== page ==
figures and symbols of the “First Covenant.”
He announces him
through the mouths of the prophets who succeeded one another in
Israel. Moreover, he awakens in the hearts of the pagans a dim
expectation of this coming.
St. John the Baptist
is the Lord’s immediate precursor or
forerunner, sent to prepare his way.
“Prophet of the Most High,”
John surpasses all the prophets, of whom he is the last.
inaugurates the Gospel, already from his mother’s womb wel-
comes the coming of Christ, and rejoices in being “the friend of the
bridegroom,” whom he points out as “the Lamb of God, who takes
away the sin of the world.”
Going before Jesus “in the spirit and
power of Elijah,” John bears witness to Christ in his preaching, by
his Baptism of conversion, and through his martyrdom.
When the Church celebrates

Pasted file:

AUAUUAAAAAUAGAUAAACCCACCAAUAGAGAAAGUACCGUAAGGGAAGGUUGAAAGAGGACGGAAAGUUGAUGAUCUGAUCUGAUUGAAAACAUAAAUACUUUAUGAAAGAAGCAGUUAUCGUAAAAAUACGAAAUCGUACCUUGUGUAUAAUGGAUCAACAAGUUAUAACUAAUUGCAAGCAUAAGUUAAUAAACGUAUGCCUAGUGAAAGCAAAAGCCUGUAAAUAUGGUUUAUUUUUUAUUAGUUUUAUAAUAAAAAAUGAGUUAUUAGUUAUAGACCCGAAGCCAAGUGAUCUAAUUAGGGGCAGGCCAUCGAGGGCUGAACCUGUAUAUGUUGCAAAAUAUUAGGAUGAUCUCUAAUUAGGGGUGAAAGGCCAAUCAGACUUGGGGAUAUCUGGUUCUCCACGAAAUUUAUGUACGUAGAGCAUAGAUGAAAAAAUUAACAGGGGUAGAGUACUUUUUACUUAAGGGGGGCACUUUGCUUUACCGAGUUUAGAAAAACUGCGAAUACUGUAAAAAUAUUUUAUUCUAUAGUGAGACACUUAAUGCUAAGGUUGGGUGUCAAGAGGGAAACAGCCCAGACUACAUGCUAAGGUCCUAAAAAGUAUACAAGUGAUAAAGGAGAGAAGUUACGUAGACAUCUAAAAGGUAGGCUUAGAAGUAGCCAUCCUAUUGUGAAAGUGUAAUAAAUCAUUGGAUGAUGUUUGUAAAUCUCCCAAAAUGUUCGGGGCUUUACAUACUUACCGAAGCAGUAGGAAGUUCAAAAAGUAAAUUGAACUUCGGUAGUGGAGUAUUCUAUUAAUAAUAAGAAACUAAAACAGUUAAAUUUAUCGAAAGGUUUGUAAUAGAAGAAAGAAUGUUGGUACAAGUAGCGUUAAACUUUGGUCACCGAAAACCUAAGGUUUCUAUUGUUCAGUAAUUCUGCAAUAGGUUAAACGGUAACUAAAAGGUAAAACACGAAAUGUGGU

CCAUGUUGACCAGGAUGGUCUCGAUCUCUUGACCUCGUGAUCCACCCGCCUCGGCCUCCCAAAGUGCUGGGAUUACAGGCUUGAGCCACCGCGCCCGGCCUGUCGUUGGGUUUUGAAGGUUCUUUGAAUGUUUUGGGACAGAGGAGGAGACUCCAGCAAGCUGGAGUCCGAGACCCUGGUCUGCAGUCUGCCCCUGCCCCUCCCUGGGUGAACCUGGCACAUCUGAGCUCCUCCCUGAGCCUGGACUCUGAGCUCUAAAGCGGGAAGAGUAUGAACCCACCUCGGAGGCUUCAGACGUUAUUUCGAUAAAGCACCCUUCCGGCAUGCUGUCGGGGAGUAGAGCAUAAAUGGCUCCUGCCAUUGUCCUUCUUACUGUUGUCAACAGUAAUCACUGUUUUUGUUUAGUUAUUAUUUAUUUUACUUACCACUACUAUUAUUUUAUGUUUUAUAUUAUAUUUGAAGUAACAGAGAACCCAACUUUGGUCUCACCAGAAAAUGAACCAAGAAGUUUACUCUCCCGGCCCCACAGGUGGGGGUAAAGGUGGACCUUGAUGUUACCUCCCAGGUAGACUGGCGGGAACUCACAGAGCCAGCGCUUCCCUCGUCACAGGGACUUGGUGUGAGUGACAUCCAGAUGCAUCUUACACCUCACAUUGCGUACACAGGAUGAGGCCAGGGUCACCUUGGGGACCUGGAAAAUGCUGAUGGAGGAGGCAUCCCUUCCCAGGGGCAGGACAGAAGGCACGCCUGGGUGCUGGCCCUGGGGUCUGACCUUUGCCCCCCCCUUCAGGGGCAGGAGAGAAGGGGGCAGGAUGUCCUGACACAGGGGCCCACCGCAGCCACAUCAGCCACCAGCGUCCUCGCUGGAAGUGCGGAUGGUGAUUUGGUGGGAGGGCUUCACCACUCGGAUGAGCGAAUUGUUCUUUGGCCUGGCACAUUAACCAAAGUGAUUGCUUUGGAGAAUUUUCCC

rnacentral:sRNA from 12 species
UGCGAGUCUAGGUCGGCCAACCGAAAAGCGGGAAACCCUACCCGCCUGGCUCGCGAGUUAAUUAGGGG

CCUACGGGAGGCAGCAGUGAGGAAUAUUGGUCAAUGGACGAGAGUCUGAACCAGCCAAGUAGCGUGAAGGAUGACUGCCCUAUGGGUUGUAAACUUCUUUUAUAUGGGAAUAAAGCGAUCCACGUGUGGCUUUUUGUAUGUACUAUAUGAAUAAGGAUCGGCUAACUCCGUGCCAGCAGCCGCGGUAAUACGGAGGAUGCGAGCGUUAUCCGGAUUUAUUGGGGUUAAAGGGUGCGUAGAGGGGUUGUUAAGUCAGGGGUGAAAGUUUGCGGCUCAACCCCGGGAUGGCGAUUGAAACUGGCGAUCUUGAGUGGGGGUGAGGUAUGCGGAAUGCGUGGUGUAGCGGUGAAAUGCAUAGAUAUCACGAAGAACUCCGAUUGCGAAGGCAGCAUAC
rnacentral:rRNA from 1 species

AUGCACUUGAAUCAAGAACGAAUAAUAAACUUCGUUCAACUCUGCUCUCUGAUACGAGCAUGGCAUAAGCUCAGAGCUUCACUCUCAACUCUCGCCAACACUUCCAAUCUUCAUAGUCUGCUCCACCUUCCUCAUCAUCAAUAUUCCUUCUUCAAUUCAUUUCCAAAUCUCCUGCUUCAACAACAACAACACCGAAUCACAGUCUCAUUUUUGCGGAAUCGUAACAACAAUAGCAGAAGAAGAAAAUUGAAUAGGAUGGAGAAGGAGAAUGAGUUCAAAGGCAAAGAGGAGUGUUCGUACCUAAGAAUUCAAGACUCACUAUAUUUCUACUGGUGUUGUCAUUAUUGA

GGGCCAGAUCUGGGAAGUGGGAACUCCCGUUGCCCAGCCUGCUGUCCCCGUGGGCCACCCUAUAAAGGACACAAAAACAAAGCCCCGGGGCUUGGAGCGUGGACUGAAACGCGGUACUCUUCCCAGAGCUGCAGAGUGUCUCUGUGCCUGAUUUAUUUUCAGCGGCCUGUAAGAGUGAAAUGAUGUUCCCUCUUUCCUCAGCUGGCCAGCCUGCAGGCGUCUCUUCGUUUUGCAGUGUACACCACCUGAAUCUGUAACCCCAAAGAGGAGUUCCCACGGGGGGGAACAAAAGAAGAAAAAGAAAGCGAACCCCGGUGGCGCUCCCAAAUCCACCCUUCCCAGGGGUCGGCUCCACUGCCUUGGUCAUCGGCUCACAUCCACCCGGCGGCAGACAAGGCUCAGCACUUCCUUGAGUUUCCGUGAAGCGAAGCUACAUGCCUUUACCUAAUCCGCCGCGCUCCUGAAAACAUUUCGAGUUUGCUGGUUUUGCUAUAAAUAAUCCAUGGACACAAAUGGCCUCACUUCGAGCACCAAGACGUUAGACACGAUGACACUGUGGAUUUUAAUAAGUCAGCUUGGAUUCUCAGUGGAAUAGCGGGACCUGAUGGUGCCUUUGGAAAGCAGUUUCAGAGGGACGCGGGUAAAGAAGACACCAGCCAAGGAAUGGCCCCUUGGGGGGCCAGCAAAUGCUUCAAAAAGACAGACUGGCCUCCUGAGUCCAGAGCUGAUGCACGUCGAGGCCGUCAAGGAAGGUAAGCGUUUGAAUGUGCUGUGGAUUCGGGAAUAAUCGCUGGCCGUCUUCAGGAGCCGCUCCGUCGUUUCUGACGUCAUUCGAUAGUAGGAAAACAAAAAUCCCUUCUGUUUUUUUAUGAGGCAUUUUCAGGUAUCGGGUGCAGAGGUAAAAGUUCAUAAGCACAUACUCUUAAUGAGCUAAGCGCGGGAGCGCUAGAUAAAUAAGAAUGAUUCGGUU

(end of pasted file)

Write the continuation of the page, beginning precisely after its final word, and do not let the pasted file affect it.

the liturgy of Advent
she makes present this ancient expectancy of the Messiah, for by
sharing in the long preparation for the Savior’s first coming, the
faithful renew their ardent desire for his second coming.
celebrating the precursor’s birth and martyrdom, the Church
unites herself to his desire: “He must increase, but I must de
The Christmas mystery
Jesus was born in a humble stable, into a poor family.
Simple shepherds were the first witnesses to this event. In this
poverty heaven’s glory was made manifest.
The Church never
tires of singing the glory of this night:
The Virgin today brings into the world the Eternal
And the earth offers a cave to the Inaccessible.
The angels and shepherds praise him
And the magi advance with the star,
For you are born for us,
Little Child, God eternal!
1:76; cf. 7:26;
of Romanos the Melodist.